“We don’t like to see our players be put in harm’s way. The game’s a violent game as it is, I don’t think as coaches we need to manufacture it,” said assistant coach Mike Sullivan, who will probably be handling the bench duties while his boss is on the shelf.
But is it truly not permissible to send out, say, the third line with instructions to ignore the muscle-heads on the other side of centre and assume the fetal position if attacked, and simply attempt to play hockey?
“There’s two ways to go about it,” said Canucks defenceman Kevin Bieksa. “We just watched a clip, actually on YouTube of (Canuck defenceman) Dan Hamhuis in 2004 when Nashville started their somewhat-skill guys vs. Calgary who had five of their goons on the ice, and they just all beat the crap out of them, so ... who knows if their guys would have had the same reaction if they’d seen the (Sedin) twins coming over the bench? But you can’t put those guys in that situation.”
Bieksa actually tried to defuse the inevitable, stepping in front of Lain and waving the rookie away, and taking the opening faceoff against Westgarth.
“At first I just thought the two big boys (Sestito and McGrattan) would go at it, and that would be it,” he said. “Then I saw Westgarth talking to Kellan, and ... I didn’t feel it was fair for him to fight Westgarth, being his first game, flying his parents across — I’m sure his mom didn’t like that — it just didn’t seem like it was a fair fight, so I tried to get in the way of that.”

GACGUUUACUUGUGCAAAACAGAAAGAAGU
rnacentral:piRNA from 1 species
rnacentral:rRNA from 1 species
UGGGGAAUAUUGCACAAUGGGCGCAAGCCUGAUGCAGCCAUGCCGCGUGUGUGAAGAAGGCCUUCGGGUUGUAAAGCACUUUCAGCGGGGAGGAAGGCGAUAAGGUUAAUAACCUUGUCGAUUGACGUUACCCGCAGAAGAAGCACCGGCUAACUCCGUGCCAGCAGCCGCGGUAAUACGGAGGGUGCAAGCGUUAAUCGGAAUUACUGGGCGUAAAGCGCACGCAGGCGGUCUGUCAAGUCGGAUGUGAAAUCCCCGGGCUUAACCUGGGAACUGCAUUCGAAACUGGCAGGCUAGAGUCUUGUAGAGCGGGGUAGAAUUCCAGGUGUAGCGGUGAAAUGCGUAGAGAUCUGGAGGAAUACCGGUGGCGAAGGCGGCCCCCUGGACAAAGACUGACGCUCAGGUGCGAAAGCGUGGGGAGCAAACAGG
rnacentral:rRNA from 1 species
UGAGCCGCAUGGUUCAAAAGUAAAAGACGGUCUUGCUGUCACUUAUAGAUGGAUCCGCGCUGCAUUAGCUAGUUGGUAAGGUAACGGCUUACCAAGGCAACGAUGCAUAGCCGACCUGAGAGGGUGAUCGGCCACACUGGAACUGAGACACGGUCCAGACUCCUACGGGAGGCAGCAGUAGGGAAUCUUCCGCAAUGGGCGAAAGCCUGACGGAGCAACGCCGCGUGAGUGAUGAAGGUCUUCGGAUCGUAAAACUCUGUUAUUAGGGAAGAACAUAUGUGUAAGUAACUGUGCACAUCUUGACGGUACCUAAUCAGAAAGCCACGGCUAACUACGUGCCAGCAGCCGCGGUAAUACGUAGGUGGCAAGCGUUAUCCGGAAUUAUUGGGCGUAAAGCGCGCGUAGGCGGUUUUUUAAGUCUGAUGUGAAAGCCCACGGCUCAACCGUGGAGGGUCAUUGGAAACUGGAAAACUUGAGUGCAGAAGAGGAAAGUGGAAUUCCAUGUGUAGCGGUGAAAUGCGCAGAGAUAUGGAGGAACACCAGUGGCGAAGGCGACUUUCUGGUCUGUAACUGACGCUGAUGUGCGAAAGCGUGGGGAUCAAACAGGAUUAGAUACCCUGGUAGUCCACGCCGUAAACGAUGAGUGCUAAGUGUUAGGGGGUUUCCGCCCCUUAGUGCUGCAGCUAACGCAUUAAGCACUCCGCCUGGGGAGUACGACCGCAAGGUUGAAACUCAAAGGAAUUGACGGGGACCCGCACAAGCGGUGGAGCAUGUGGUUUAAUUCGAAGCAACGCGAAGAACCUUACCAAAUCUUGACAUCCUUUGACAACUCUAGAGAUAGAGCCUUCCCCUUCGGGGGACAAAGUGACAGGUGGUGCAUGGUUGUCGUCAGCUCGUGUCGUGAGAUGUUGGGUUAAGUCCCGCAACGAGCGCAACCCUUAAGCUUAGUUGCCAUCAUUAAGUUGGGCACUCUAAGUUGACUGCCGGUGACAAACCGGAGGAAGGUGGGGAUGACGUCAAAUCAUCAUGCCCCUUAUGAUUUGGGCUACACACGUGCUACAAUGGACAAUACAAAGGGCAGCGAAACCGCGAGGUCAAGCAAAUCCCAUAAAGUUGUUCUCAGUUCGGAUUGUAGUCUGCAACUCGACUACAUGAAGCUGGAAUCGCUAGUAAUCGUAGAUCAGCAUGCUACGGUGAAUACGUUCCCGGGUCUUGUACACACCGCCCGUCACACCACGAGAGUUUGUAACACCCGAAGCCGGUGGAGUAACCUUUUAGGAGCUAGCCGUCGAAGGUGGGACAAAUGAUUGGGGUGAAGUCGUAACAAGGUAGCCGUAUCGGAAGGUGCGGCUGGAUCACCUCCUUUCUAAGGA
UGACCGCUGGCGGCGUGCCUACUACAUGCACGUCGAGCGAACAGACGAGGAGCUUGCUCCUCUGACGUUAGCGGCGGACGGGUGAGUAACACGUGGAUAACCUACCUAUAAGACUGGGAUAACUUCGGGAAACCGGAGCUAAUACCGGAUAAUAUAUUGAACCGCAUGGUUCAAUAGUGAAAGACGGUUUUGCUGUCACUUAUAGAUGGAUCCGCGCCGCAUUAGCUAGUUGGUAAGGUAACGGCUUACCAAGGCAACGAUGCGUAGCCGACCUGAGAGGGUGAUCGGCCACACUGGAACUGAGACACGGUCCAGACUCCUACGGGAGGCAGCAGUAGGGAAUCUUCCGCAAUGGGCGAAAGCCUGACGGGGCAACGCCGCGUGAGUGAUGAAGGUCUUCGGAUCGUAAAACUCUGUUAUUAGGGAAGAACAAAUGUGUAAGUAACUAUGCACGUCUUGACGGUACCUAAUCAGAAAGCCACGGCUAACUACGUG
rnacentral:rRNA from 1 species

To no avail. Eight of the 10 starting skaters got tossed. Lain played two seconds of his first NHL game.
“I’m not going to put 100 per cent blame on (the Flames), because we could always just stand there and take the penalty, take the punch to the face, but unless you’re in it, it’s a hard situation,” Bieksa said. “You can say that you’re just going to stand there and take it, but once you see five guys that want to fight coming after you ...
“It was just clear, when you see (Calgary’s) Blair Jones asking a guy to fight — and he’s afraid of his own shadow — you see (Ladislav) Smid and a couple of those guys just looking for it, it’s hard to say no.”
Tortorella’s decision to respond with his fourth line, which he discussed with his assistants before he wrote the names on the lineup card, was popular in the Canucks’ room — and so was the coach’s foray behind enemy lines between periods. Despite Tortorella’s harping on the need for discipline, his own lack of it didn’t seem to bother his players.
“I don’t know how this embarrasses the organization,” Bieksa said. “I think you respect a coach more when you see that he has your back, and see how much he cares, that we’re not just pawns out there, we’re not just guys he’s sticking out there to fight, he cares that we had to go through that.”
And the brawl? Tsk, tsk.
“That was obviously not our intention. It was their intention,” Bieksa said. “They won’t admit it, and I don’t really care either way, but I loved it. I thought it was a blast. I just wish I could have played the rest of the game.
“The reaction around the league I think was that it was pretty entertaining. You don’t want too many of them, it’s not the best image for the league, but every once in a while ... the fans enjoyed it.”
Yep. Hard to deny it.
The old Conn Smythe line from 60 years ago still resonates:
“We’ve got to stamp out that kind of thing, or people are going to keep on buying tickets.”